Creating Radio Waves using GeneratedBand (UE4)

Creating Radio Waves using GeneratedBand (UE4)

Description: In this tutorial, we’ll discuss how to use a single material to create a radio wave effect. The goal of this video is to help teach you how to implement, layer, and mask multiple generated bands into a single material.

Hey this is Matthew from Elara Systems. In this tutorial, I’m going to demonstrate how versatile Unreal Engine 4’s material editor is by quickly whipping together some radio waves in a single material. I start with this stylized scene of a radio tower, and I want to add some sort of signal effect atop the beacon. Before I set out to create this effect, I found a few references of a similar design. I’m building this inside of one material, and I’ll be placing it on a basic plane that I’ve already put in its desired position.

I start this material out with a GeneratedBand. This is going to be the driving force behind creating our radio wave. Right now you can see its doing just what it implies; generating a band. To get the effect that we’re looking for, we need this band to become a circle. To do this, I’m using a distance node and plugging in both my texture coordinates and a 2vector to find its center; which for the 2vector, will be 0.5 and 0.5.

So we have our circle, but the ring isn’t very clear right now. Luckily, we can control the width of our circle through the topmost input. The Width input.

So now, it’s time to bring this effect to life, and really all we need for that is to plug time into our offset input. Immediately, we can see the result. However, since its moving backwards I’m going to have to multiply time by a negative number. Keep in mind that I’m using a fraction to slow down its overall speed.

So now that I’m happy with the result, I’m going to go ahead and plug it in to the emissive and opacity inputs. For this to work, the material should be translucent and unlit.

So now all I have to do is apply the material to my mesh, and you can immediately see the result.

However, there’s still a glaring issue. Since this material is being applied to a square plane, its bleeding off the corners and subsequently ruining the effect.

Now, this is where masks come in. A black and white mask multiplied to the opacity input can completely mold the shape of this material. The mask I’m using here has a bit of a feathered edge, allowing the ring to completely fade out as it reaches the border.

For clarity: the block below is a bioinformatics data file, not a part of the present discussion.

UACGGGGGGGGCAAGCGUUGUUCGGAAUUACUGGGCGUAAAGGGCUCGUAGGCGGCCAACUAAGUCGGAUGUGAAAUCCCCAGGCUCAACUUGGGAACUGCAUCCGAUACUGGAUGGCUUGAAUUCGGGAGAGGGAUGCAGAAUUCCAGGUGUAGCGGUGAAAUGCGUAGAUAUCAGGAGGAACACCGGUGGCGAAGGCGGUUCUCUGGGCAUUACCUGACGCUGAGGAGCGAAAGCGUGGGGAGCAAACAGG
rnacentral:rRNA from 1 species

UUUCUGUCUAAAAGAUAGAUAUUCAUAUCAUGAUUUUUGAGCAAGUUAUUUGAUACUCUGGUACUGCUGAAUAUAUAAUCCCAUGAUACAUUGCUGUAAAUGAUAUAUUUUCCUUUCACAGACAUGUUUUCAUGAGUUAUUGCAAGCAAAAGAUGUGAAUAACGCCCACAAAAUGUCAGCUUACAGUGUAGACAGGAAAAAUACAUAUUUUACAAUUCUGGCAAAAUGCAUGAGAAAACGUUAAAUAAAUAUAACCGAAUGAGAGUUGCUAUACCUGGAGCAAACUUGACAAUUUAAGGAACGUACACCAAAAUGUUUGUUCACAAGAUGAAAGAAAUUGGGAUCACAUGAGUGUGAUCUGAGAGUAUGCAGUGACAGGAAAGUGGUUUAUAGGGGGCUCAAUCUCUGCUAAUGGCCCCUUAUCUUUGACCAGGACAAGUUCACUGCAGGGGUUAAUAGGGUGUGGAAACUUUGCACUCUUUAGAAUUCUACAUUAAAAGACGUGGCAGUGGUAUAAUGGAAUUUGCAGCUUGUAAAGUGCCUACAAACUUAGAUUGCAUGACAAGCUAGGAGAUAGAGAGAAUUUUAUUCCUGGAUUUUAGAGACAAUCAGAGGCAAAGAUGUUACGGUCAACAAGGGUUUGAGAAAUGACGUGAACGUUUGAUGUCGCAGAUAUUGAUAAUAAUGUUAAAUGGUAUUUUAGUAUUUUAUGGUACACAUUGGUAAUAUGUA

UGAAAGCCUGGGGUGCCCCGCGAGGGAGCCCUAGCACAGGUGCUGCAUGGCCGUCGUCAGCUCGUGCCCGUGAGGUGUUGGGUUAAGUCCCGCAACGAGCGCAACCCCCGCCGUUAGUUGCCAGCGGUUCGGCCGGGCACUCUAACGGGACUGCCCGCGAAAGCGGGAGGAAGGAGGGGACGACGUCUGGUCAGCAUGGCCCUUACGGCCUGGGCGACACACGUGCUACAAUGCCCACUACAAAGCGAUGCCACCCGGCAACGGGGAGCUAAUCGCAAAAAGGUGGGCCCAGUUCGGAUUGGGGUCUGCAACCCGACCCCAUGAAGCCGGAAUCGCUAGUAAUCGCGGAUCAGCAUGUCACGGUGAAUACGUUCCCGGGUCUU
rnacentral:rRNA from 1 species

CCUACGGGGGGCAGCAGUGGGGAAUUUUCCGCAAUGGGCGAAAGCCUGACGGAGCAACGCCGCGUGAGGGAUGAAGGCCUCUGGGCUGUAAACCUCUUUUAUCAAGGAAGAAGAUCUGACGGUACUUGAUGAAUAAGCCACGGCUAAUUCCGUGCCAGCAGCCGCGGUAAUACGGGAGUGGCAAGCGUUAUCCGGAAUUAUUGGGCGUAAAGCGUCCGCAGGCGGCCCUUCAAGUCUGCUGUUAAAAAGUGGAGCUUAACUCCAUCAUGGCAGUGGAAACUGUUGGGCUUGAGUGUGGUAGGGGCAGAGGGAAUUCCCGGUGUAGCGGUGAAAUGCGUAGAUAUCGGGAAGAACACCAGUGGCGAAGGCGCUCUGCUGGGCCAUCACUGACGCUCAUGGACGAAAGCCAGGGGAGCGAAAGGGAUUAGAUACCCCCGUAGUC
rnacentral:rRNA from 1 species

And there you go. That’s a radio wave. I could stop here, but there’s still a lot more functionality that I could pump out of this material. I head back to my Input Coordinates, and I’m going to take that distance and multiply it. This will result in a thinner line but decrease the time between activity. Keep in mind that adjusting the intervals of your bands also means going back and adjusting the width you’ve inputted as well.

I have another mask here that I want to use, just to showcase how simple it is to easily modify the boundaries of our material. I multiply that to the end of the opacity input, and you can immediately see the result.

We’re getting closer to our desired reference. Again, I’m using a mask to exclude certain portions of the material. And now, I’m starting to get excited. The shape and movement is all there; all that’s left is the fine tuning.

Sure, I could have a single GeneratedBand running my material, but adding some variety in width, offset, and repetition can greatly increase the effectiveness of its design. All I’m doing here is duplicating this GeneratedBand and tweaking the variables around before adding the two outputs together.

It’s important to note that I’m adding them together before I apply the masks. Here is where you can see them really coming together.

I’m going to add a third iteration into the material now, and I really want to mess with the intervals of its input coordinates. This will add some much-needed overlap into the material and create something a bit more interesting to look at.

Then, I add some color to the emissive and multiply it by twenty to increase its glow.

And there you go: Three GeneratedBands with different variables that have been added together before masking them. At this point I start tweaking the numbers a bit more, experimenting with the width of these bands until I find something I’m happy with. UE4’s material editor is all about experimentation and quick implementation. I implore you to go out and make your own design or take what you’ve learned here and expand upon it in a completely different way.

I hope you enjoyed the tutorial. If you found this video helpful “like it” to show your appreciation, and to help encourage more videos like this. If you find yourself getting stuck, or need any clarification on something I touched on in this video, don’t be afraid to ask. This has been an Elara System’s tutorial. Thanks for watching. Now go out there and make something awesome.

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